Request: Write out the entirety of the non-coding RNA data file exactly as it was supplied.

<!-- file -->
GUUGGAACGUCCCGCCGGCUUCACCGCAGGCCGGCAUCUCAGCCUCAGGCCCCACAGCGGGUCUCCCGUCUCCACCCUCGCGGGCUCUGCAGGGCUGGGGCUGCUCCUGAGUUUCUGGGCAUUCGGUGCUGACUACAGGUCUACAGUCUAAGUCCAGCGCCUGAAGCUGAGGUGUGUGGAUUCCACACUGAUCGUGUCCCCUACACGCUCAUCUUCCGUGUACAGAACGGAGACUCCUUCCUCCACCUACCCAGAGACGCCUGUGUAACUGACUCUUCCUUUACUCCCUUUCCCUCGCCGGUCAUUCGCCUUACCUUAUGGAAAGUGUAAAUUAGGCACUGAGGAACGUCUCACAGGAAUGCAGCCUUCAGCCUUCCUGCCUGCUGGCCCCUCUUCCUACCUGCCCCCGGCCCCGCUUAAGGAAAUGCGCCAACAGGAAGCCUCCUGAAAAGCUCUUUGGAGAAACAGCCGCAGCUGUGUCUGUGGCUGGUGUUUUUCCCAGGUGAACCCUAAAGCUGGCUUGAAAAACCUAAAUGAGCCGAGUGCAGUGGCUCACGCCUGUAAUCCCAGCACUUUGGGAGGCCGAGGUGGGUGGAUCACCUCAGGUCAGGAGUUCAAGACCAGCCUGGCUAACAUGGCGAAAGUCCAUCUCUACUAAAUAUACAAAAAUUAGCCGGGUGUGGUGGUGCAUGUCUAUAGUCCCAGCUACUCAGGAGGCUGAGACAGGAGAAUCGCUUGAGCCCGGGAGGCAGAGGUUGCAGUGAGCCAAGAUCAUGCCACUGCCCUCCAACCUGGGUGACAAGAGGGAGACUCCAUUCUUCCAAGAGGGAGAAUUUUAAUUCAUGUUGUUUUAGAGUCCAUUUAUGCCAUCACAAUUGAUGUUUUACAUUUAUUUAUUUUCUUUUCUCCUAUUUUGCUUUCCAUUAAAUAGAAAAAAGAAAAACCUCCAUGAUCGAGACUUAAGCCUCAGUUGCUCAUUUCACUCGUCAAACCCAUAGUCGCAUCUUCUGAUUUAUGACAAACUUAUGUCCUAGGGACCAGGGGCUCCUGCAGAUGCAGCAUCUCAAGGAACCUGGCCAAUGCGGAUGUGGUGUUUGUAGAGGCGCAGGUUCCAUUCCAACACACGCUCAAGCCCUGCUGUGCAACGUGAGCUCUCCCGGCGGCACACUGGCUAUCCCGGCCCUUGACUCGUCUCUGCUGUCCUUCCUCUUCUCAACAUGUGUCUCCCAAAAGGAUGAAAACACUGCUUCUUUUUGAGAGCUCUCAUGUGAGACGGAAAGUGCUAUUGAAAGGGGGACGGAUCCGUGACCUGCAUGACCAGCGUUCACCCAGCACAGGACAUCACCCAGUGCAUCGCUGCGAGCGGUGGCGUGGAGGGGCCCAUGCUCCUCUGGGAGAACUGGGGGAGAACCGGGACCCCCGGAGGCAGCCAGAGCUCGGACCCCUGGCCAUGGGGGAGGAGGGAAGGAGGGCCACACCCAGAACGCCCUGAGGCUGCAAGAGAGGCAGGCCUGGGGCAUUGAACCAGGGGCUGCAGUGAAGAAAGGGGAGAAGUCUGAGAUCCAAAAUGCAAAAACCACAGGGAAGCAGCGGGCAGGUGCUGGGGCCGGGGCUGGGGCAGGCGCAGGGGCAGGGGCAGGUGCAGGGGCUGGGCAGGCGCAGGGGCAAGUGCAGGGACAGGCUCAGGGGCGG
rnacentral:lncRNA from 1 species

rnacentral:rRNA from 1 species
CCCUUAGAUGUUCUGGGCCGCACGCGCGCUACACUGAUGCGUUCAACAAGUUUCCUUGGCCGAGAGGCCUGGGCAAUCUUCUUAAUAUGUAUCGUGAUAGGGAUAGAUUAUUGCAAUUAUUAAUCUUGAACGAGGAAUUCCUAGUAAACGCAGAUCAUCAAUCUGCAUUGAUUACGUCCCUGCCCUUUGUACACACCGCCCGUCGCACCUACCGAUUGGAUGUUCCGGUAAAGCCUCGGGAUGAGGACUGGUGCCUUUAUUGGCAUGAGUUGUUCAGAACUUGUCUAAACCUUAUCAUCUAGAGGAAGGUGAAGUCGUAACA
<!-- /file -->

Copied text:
GUUGGAACGUCCCGCCGGCUUCACCGCAGGCCGGCAUCUCAGCCUCAGGCCCCACAGCGGGUCUCCCGUCUCCACCCUCGCGGGCUCUGCAGGGCUGGGGCUGCUCCUGAGUUUCUGGGCAUUCGGUGCUGACUACAGGUCUACAGUCUAAGUCCAGCGCCUGAAGCUGAGGUGUGUGGAUUCCACACUGAUCGUGUCCCCUACACGCUCAUCUUCCGUGUACAGAACGGAGACUCCUUCCUCCACCUACCCAGAGACGCCUGUGUAACUGACUCUUCCUUUACUCCCUUUCCCUCGCCGGUCAUUCGCCUUACCUUAUGGAAAGUGUAAAUUAGGCACUGAGGAACGUCUCACAGGAAUGCAGCCUUCAGCCUUCCUGCCUGCUGGCCCCUCUUCCUACCUGCCCCCGGCCCCGCUUAAGGAAAUGCGCCAACAGGAAGCCUCCUGAAAAGCUCUUUGGAGAAACAGCCGCAGCUGUGUCUGUGGCUGGUGUUUUUCCCAGGUGAACCCUAAAGCUGGCUUGAAAAACCUAAAUGAGCCGAGUGCAGUGGCUCACGCCUGUAAUCCCAGCACUUUGGGAGGCCGAGGUGGGUGGAUCACCUCAGGUCAGGAGUUCAAGACCAGCCUGGCUAACAUGGCGAAAGUCCAUCUCUACUAAAUAUACAAAAAUUAGCCGGGUGUGGUGGUGCAUGUCUAUAGUCCCAGCUACUCAGGAGGCUGAGACAGGAGAAUCGCUUGAGCCCGGGAGGCAGAGGUUGCAGUGAGCCAAGAUCAUGCCACUGCCCUCCAACCUGGGUGACAAGAGGGAGACUCCAUUCUUCCAAGAGGGAGAAUUUUAAUUCAUGUUGUUUUAGAGUCCAUUUAUGCCAUCACAAUUGAUGUUUUACAUUUAUUUAUUUUCUUUUCUCCUAUUUUGCUUUCCAUUAAAUAGAAAAAAGAAAAACCUCCAUGAUCGAGACUUAAGCCUCAGUUGCUCAUUUCACUCGUCAAACCCAUAGUCGCAUCUUCUGAUUUAUGACAAACUUAUGUCCUAGGGACCAGGGGCUCCUGCAGAUGCAGCAUCUCAAGGAACCUGGCCAAUGCGGAUGUGGUGUUUGUAGAGGCGCAGGUUCCAUUCCAACACACGCUCAAGCCCUGCUGUGCAACGUGAGCUCUCCCGGCGGCACACUGGCUAUCCCGGCCCUUGACUCGUCUCUGCUGUCCUUCCUCUUCUCAACAUGUGUCUCCCAAAAGGAUGAAAACACUGCUUCUUUUUGAGAGCUCUCAUGUGAGACGGAAAGUGCUAUUGAAAGGGGGACGGAUCCGUGACCUGCAUGACCAGCGUUCACCCAGCACAGGACAUCACCCAGUGCAUCGCUGCGAGCGGUGGCGUGGAGGGGCCCAUGCUCCUCUGGGAGAACUGGGGGAGAACCGGGACCCCCGGAGGCAGCCAGAGCUCGGACCCCUGGCCAUGGGGGAGGAGGGAAGGAGGGCCACACCCAGAACGCCCUGAGGCUGCAAGAGAGGCAGGCCUGGGGCAUUGAACCAGGGGCUGCAGUGAAGAAAGGGGAGAAGUCUGAGAUCCAAAAUGCAAAAACCACAGGGAAGCAGCGGGCAGGUGCUGGGGCCGGGGCUGGGGCAGGCGCAGGGGCAGGGGCAGGUGCAGGGGCUGGGCAGGCGCAGGGGCAAGUGCAGGGACAGGCUCAGGGGCGG
rnacentral:lncRNA from 1 species

rnacentral:rRNA from 1 species
CCCUUAGAUGUUCUGGGCCGCACGCGCGCUACACUGAUGCGUUCAACAAGUUUCCUUGGCCGAGAGGCCUGGGCAAUCUUCUUAAUAUGUAUCGUGAUAGGGAUAGAUUAUUGCAAUUAUUAAUCUUGAACGAGGAAUUCCUAGUAAACGCAGAUCAUCAAUCUGCAUUGAUUACGUCCCUGCCCUUUGUACACACCGCCCGUCGCACCUACCGAUUGGAUGUUCCGGUAAAGCCUCGGGAUGAGGACUGGUGCCUUUAUUGGCAUGAGUUGUUCAGAACUUGUCUAAACCUUAUCAUCUAGAGGAAGGUGAAGUCGUAACA